March 23, 2002 Rocky Mountain News (Denver, CO) by Jeff VerSteegChronic wasting disease (CWD) is one the most difficult challenges the Colorado Division of Wildlife has ever faced.
Veteran wildlife managers who have spent decades building Colorado's wildlife populations have had to kill hundreds of deer as they work to stem the spread of the disease. It's the grimmest task they've faced in their careers, and the last thing they want to do.
They also recognize, however, that reducing the deer herd in a portion of northeastern Colorado is an essential part of the agency's overall program to combat CWD. The division has two key goals. First, we must do everything we can to keep the disease from spreading to wild populations in other portions of Colorado and other states. Second, we want to reduce the prevalence of CWD in the Colorado endemic area to less than 1 percent. Accomplishing these seemingly straightforward goals will likely take years, perhaps decades.
There is no magic cure and no easy solution to chronic wasting disease. But taking no action is irresponsible, and hoping that somehow the disease will go away on its own is wishful thinking
If we take no action, the disease will spread. Within several decades, deer populations could undergo a dramatic decline. We would be abrogating our responsibility as wildlife managers, leaving future generations of Coloradans to deal with the consequences of chronic wasting disease.
Some groups, including animals rights activists, want the division to kill no deer. Others, including captive elk breeders and some sportsmen, have demanded that the division kill all the deer in northeastern Colorado. We believe a more moderate course that concentrates our efforts on areas of infection is the most prudent, responsible approach.
Chronic wasting disease is a fatal neurological disease of deer and elk found in wild herds in northeastern Colorado and southeastern Wyoming, and in a small portion of the Nebraska panhandle. In Colorado, we have detected the disease in about 5 percent of deer and less than 1 percent of elk within an endemic area covering about 8 percent of the state. The highest prevalence rate of 10 percent to 15 percent has been found in mule and white-tailed deer along the northern Front Range extending from Fort Collins into central Wyoming.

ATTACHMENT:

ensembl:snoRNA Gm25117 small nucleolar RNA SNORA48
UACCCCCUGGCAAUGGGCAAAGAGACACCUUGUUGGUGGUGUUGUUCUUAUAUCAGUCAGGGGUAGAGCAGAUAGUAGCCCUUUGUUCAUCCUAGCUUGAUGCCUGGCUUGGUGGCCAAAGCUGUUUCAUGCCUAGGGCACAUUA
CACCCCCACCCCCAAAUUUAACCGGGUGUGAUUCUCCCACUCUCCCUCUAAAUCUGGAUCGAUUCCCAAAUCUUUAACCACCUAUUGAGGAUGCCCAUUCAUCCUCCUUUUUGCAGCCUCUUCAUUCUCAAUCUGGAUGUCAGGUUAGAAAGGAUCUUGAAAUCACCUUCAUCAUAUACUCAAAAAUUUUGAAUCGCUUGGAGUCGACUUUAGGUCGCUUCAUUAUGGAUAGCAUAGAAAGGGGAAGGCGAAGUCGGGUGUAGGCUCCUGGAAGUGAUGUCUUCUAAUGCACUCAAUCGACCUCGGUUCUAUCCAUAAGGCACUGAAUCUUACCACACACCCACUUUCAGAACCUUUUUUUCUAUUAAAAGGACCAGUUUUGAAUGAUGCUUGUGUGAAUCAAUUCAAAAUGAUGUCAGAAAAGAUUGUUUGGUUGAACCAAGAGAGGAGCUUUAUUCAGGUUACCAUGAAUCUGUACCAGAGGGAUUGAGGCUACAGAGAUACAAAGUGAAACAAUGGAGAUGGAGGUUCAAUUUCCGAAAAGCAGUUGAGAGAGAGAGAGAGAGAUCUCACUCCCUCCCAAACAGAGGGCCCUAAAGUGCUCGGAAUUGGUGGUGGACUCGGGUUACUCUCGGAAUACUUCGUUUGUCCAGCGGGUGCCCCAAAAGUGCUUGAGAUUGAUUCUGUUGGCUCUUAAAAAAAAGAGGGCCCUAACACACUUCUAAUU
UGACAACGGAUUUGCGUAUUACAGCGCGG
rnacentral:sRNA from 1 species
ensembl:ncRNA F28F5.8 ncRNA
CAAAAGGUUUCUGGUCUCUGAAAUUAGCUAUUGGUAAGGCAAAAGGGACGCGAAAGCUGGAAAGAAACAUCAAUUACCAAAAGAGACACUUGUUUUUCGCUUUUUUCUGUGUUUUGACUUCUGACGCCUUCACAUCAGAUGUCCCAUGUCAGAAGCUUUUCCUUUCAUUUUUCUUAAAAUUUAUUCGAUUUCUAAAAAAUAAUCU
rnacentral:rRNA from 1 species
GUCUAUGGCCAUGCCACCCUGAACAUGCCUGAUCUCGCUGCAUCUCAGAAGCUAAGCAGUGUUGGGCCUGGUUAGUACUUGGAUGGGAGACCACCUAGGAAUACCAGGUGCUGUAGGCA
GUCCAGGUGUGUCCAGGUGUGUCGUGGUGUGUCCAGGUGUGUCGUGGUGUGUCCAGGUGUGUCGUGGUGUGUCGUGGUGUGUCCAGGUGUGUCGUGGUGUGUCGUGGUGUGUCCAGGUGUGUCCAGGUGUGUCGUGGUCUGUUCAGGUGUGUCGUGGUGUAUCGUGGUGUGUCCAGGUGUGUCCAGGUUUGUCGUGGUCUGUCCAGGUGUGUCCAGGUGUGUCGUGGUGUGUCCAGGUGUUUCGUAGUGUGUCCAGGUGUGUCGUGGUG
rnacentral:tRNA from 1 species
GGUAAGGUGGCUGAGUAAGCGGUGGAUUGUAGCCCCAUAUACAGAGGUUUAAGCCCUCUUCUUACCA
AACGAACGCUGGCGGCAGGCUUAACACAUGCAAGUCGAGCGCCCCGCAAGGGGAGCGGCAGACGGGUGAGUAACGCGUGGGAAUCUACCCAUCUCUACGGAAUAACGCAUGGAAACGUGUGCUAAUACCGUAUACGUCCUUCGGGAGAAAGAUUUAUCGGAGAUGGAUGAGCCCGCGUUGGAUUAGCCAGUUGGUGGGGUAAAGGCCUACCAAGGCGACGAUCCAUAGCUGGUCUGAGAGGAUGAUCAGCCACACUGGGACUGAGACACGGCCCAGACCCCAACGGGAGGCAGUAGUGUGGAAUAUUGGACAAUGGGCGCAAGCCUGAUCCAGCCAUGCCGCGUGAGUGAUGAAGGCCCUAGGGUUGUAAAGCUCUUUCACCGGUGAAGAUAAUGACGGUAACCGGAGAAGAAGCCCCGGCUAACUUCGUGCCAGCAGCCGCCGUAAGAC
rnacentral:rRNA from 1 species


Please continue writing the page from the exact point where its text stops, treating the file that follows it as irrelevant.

To stop the disease from spreading and reduce it's prevalence in wild deer, the division has been selectively culling deer herds in the endemic area. Management plans approved last month by the Colorado Wildlife Commission call for what amounts to about a 20 percent reduction in the deer herd within the endemic area, from approximately 25,000 down to 20,000 deer over 3-5 years.
Hunters killed more than 1,000 deer in the past year, and hunting will continue to be a primary management tool. Division officers and biologists are also culling deer herds, especially in those areas where disease prevalence is highest. However, most of the necessary reduction will be accomplished through hunting.
In Game Management Unit Nine north of Fort Collins where the number of infected deer is highest, the division - in cooperation with Wyoming officials - is conducting a management experiment to determine if a lower density of deer will result in lower disease prevalence in that herd. The goal is to reduce the herd in this unit by half to about 1,000 deer. An area just across the border in Wyoming, where the rate of infection is just as high, will not be reduced so that it can serve as a control. Once the reduction is completed, disease prevalence will be evaluated to determine how effective this approach has been.
On the periphery of the endemic area, wildlife officials are using a different management strategy. Instead of killing large numbers of deer, the focus is on removing specific small herds where diseased animals have already been found. The goal of this selective culling is to stop the disease in its tracks before it spreads to new areas, and perhaps to eliminate it in places where the prevalence is below 1 percent.
Most deer in these areas have very small home ranges allowing selective culling to be an effective tool. As we continue our management efforts, we should be increasingly successful in identifying those areas of highest infection.
We know that there are no easy or quick fixes for controlling this disease. There may never be. However, we truly believe that our management efforts must continue if we are to achieve the goals of containing CWD and reducing its prevalence.
NOTES: Jeff VerSteeg is the Colorado Division of Wildlife's terrestrial wildlife manager.;